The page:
The Legal Mechanism for VAT Implementation in GCC Countries

In financial taxation, a tax is not imposed without a fact that justifies its imposition. In the net income tax, the fact of making a profit according to the annual financial statements is the fact on which the income tax is imposed. The justification behind the income tax is that the income fact proves the success of the project in light of the environment that the state provides for the project, and for this the state has the right to obtain a percentage of the profits in the form of an income tax.

While for the value-added tax, the fact that the tax is imposed is not an operation of capital or the achievement of a specific financial achievement, but rather a mere fact of consumption of goods and services, no matter how simple the consumption.

This means that the justification for imposing a value-added tax is a person’s ability to consume, which reflects his good financial ability under the conditions provided by the state, and for this the state imposes a tax on his consumption that is calculated at an additional rate on the value of the goods or services consumed.

Accordingly, the facts that impose tax in accordance with the Gulf Agreement for Value Added Tax are:

First: The supply of goods

  • Conventional Supply Chain (Article/5): It means the transferring of ownership of the commodity so that it can be used or earned legally by an owner. The supply in accordance with the agreement includes:
    • Transfer of possession of the goods with an agreement to set a later date for the transfer of ownership of the goods, provided that the maximum date of transfer of ownership is the date of the complete payment; Such as the installment sale in which the possession of the goods is transferred to the buyer before the ownership of the goods is transferred to him in full.
    • Granting rights in rem over real estate, giving rise to the right to use it; Such as transferring the usufruct right from a real estate to another person while maintaining the ownership of the title of the real estate property.
    • The forced transfer of ownership of goods; As if the subject of the transfer of ownership was a court case in which the judgment was final, and was forcibly executed against the defendant seller.

It is clearly noted that the Gulf legislator has largely avoided mentioning the element “remuneration” based on which supply chain operations take place, with the aim of not allowing for tax evasion through the merchant’s insistence that he did not received a consideration in exchange for transferring possession of goods or granting rights in rem.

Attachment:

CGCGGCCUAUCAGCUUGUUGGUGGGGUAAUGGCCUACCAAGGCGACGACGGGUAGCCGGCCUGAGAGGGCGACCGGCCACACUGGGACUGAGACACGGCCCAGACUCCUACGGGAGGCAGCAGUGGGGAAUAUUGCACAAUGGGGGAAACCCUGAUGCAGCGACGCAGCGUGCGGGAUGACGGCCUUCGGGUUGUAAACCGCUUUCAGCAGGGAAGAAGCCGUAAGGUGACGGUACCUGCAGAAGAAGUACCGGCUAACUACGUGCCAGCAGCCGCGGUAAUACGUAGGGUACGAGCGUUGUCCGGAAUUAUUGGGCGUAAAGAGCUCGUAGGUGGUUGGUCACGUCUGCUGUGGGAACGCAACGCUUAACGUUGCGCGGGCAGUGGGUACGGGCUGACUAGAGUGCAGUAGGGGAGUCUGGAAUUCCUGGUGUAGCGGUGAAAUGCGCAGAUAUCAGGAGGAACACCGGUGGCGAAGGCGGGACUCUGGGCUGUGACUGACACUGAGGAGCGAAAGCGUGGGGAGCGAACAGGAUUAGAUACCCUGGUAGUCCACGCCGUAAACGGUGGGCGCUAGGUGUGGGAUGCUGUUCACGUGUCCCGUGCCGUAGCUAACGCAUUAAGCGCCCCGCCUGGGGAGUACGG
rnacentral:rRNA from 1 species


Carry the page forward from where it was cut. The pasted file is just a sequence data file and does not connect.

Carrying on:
Although the value-added tax does not focus on the merchant at the end, but on the consumer, but the merchant has an interest in tax evasion, which is the supply of his products at prices lower than the prices of the products bearing the tax burden, and this increases his profits and increases the demand for his products.

But in fact, there is an excessive legislative oversight in the Gulf agreement, as the merchant who carries out traditional supply chain operations must have received a return for it, since it is not reasonable for him to supply the goods for free.

Therefore, it was preferable for the legislator to mention the element of consideration in the traditional supply in order to distinguish it from duty-free supply, provided that any supply made by the merchant is considered to have been made in return until proven otherwise.

  • Deemed Supply: The aforementioned agreement stated – fearing of tax evasion the occurrence of a supply event that justifies imposing tax in the following cases (Article 8):
  • Disposing of goods that form part of the assets of the taxpayer, in the following cases:
    • Assignment of goods even for purposes other than economic activity, even without any charge; Such as a company buying a set of goods to use during its business, and then deciding to distribute it in the form of rewards to its employees.
    • Supplying goods free of charge; In this case, a company supplies the goods without any charge in the first place.

However, Member States may exempt such supply from tax, if is in accordance with the laws of each country, or it is in the course of business as samples and gifts of insignificant value

In the Kingdom of Saudi Arabia, for example, this value has been determined not to exceed 200 riyals, and not to exceed 50,000 riyals as an annual value on the basis of the fair market value.